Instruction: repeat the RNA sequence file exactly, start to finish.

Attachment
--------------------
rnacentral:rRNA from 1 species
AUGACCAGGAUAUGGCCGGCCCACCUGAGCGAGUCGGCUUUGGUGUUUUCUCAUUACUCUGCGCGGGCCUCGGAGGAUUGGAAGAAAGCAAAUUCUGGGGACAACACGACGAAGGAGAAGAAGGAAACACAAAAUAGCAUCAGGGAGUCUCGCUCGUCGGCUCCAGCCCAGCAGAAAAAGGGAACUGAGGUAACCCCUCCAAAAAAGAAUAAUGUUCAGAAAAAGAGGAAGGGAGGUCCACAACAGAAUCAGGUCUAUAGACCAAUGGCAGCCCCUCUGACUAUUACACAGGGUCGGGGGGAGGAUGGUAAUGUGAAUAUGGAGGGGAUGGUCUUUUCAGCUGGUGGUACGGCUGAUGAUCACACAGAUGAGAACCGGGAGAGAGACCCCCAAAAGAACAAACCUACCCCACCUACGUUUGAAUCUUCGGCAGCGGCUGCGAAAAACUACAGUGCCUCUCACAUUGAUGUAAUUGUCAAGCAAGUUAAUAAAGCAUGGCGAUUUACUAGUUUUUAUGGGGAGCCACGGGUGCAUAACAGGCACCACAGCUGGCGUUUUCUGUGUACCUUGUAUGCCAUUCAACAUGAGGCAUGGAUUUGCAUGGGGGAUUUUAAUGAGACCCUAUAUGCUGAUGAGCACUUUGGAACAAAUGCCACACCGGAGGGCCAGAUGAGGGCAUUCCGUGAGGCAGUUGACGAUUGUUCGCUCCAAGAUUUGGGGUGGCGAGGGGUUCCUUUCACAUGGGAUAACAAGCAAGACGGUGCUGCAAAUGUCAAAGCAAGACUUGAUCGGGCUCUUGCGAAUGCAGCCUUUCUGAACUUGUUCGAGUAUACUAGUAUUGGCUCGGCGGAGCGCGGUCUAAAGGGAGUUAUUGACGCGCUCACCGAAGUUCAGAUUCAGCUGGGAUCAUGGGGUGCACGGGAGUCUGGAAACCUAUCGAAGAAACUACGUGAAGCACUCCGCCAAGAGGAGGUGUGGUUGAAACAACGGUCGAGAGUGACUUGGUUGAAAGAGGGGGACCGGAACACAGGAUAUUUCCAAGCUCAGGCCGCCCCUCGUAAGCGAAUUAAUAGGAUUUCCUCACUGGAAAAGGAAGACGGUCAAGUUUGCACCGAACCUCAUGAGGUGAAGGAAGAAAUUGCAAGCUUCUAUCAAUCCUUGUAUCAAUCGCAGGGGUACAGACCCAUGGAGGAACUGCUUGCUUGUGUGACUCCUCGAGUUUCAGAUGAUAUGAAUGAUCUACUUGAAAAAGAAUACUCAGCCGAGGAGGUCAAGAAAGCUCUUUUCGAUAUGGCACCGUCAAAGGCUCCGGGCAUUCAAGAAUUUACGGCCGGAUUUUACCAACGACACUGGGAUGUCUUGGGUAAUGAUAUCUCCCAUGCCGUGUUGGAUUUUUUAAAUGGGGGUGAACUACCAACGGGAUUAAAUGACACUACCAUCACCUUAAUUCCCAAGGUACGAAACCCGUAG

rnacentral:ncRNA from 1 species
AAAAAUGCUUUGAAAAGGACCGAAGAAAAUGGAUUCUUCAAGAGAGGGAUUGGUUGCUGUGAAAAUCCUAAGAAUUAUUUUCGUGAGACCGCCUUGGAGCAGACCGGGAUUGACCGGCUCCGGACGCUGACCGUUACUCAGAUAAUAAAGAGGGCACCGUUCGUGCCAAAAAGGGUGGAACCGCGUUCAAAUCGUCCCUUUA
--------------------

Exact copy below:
rnacentral:rRNA from 1 species
AUGACCAGGAUAUGGCCGGCCCACCUGAGCGAGUCGGCUUUGGUGUUUUCUCAUUACUCUGCGCGGGCCUCGGAGGAUUGGAAGAAAGCAAAUUCUGGGGACAACACGACGAAGGAGAAGAAGGAAACACAAAAUAGCAUCAGGGAGUCUCGCUCGUCGGCUCCAGCCCAGCAGAAAAAGGGAACUGAGGUAACCCCUCCAAAAAAGAAUAAUGUUCAGAAAAAGAGGAAGGGAGGUCCACAACAGAAUCAGGUCUAUAGACCAAUGGCAGCCCCUCUGACUAUUACACAGGGUCGGGGGGAGGAUGGUAAUGUGAAUAUGGAGGGGAUGGUCUUUUCAGCUGGUGGUACGGCUGAUGAUCACACAGAUGAGAACCGGGAGAGAGACCCCCAAAAGAACAAACCUACCCCACCUACGUUUGAAUCUUCGGCAGCGGCUGCGAAAAACUACAGUGCCUCUCACAUUGAUGUAAUUGUCAAGCAAGUUAAUAAAGCAUGGCGAUUUACUAGUUUUUAUGGGGAGCCACGGGUGCAUAACAGGCACCACAGCUGGCGUUUUCUGUGUACCUUGUAUGCCAUUCAACAUGAGGCAUGGAUUUGCAUGGGGGAUUUUAAUGAGACCCUAUAUGCUGAUGAGCACUUUGGAACAAAUGCCACACCGGAGGGCCAGAUGAGGGCAUUCCGUGAGGCAGUUGACGAUUGUUCGCUCCAAGAUUUGGGGUGGCGAGGGGUUCCUUUCACAUGGGAUAACAAGCAAGACGGUGCUGCAAAUGUCAAAGCAAGACUUGAUCGGGCUCUUGCGAAUGCAGCCUUUCUGAACUUGUUCGAGUAUACUAGUAUUGGCUCGGCGGAGCGCGGUCUAAAGGGAGUUAUUGACGCGCUCACCGAAGUUCAGAUUCAGCUGGGAUCAUGGGGUGCACGGGAGUCUGGAAACCUAUCGAAGAAACUACGUGAAGCACUCCGCCAAGAGGAGGUGUGGUUGAAACAACGGUCGAGAGUGACUUGGUUGAAAGAGGGGGACCGGAACACAGGAUAUUUCCAAGCUCAGGCCGCCCCUCGUAAGCGAAUUAAUAGGAUUUCCUCACUGGAAAAGGAAGACGGUCAAGUUUGCACCGAACCUCAUGAGGUGAAGGAAGAAAUUGCAAGCUUCUAUCAAUCCUUGUAUCAAUCGCAGGGGUACAGACCCAUGGAGGAACUGCUUGCUUGUGUGACUCCUCGAGUUUCAGAUGAUAUGAAUGAUCUACUUGAAAAAGAAUACUCAGCCGAGGAGGUCAAGAAAGCUCUUUUCGAUAUGGCACCGUCAAAGGCUCCGGGCAUUCAAGAAUUUACGGCCGGAUUUUACCAACGACACUGGGAUGUCUUGGGUAAUGAUAUCUCCCAUGCCGUGUUGGAUUUUUUAAAUGGGGGUGAACUACCAACGGGAUUAAAUGACACUACCAUCACCUUAAUUCCCAAGGUACGAAACCCGUAG

rnacentral:ncRNA from 1 species
AAAAAUGCUUUGAAAAGGACCGAAGAAAAUGGAUUCUUCAAGAGAGGGAUUGGUUGCUGUGAAAAUCCUAAGAAUUAUUUUCGUGAGACCGCCUUGGAGCAGACCGGGAUUGACCGGCUCCGGACGCUGACCGUUACUCAGAUAAUAAAGAGGGCACCGUUCGUGCCAAAAAGGGUGGAACCGCGUUCAAAUCGUCCCUUUA